Once Upon a Time in America


Download PDFGo 

Are we about to enter a golden age? And if not, why not? Tell me if I’m wrong, but the US economy is no longer in ‘recovery’. It is alive and well and, quite literally, back at work. And when it’s not at work it’s at the shops.

The US has created 1.7 million net new jobs this year, most all of them in the private sector and many of them high quality roles in manufacturing. This month (September) will almost certainly mark the fourth year of month-on-month positive jobs growth.  Retail sales, measured by value, are now well ahead of their pre-recession peak, up 15% according to Oxford Economics, with scarcely a hesitation the trough in June 2009.

Time to crank up interest rates? The Federal Reserve seems to think so. According to its latest ‘dot plot’ guidance, 14 of the 17 members of the rate-setting Federal Open Market Committee (FOMC) expect the upward cycle to start next year and to reach 3—4% at the next peak, probably in 2017. This is significantly lower than the peak in the previous cycle, when the Federal Funds Target Rate reached 5.25%. Given consumer inflation sitting at a fairly steady 2%, with the dollar rising and the oil price falling, there is no need to rush.

How are investors responding to this return of Goldilocks, an economy where growth is good and inflation low? Fairly well, we should say. The MSCI North America returned 36.5% in the two years to 25 September. But the past nine months (year-to-date) account for only 8% of that, while forward signals are decidedly mixed.

For most of the past 24 months, the ‘earnings trade’ has dominated US equities. As economic growth became embedded, investors focused on stock selection to search out pockets of superior earnings prospects.  In aggregate, the flows tended toward small and mid-cap, technology and biotech. As money came in, upward momentum in the share price sped up, drawing in more money and stretching out valuations. Reckoning came in March—April this year with a sharp re-assertion of value and a parallel collapse in growth.

The sharpness of the rotation – worse than the 2011 Eurozone crisis – showed that the market’s low surface volatility covers an underlying dynamic that is far from calm. But in our view, overall volatility would need to be much higher to signal a secular change in the value/growth balance, and indeed, since mid-April growth has once again been dominant. The rotation has not ended growth momentum, but it has moderated risk appetite, with stocks showing strength at the balance sheet level being bought to hedge some of the higher growth stocks.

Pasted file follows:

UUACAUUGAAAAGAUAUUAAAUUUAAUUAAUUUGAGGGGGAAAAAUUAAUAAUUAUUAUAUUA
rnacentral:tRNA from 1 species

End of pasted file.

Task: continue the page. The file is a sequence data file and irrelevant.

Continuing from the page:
Economic growth, combined with low interest rates, should continue to support growth stocks and justify higher valuations. As ever, it is important to tread carefully and maintain diversity. 

Important information: Past performance is no guarantee of future results. The value of an investment and the income from it can fall as well as rise and investors may not get back the amount originally invested. Old Mutual Global Investors (OMGI) has no house market view and opinions expressed are the views of individual fund manager(s) as at the time of writing. These views may no longer be current and may have already been acted upon. Any underlying research or analysis has been procured by OMGI for its own purposes and may have been acted on by OMGI or an associate for its or their own purposes. OMGI is the appointed investment adviser for Old Mutual Fund Manager’s in-house OEIC funds. Old Mutual Global Investors is the trading name of Old Mutual Global Investors (UK) Limited. Old Mutual Fund Managers Limited, 2 Lambeth Hill, London EC4V 4AD. Authorised and regulated by the Financial Conduct Authority. A member of the IMA. Old Mutual Global Investors (UK) Limited, 2 Lambeth Hill, London EC4P 4WR. Authorised and regulated by the Financial Conduct Authority. Telephone calls may be recorded for security purposes and to improve customer service.

OMGI 09/14/0135.



ADMINISTRADORES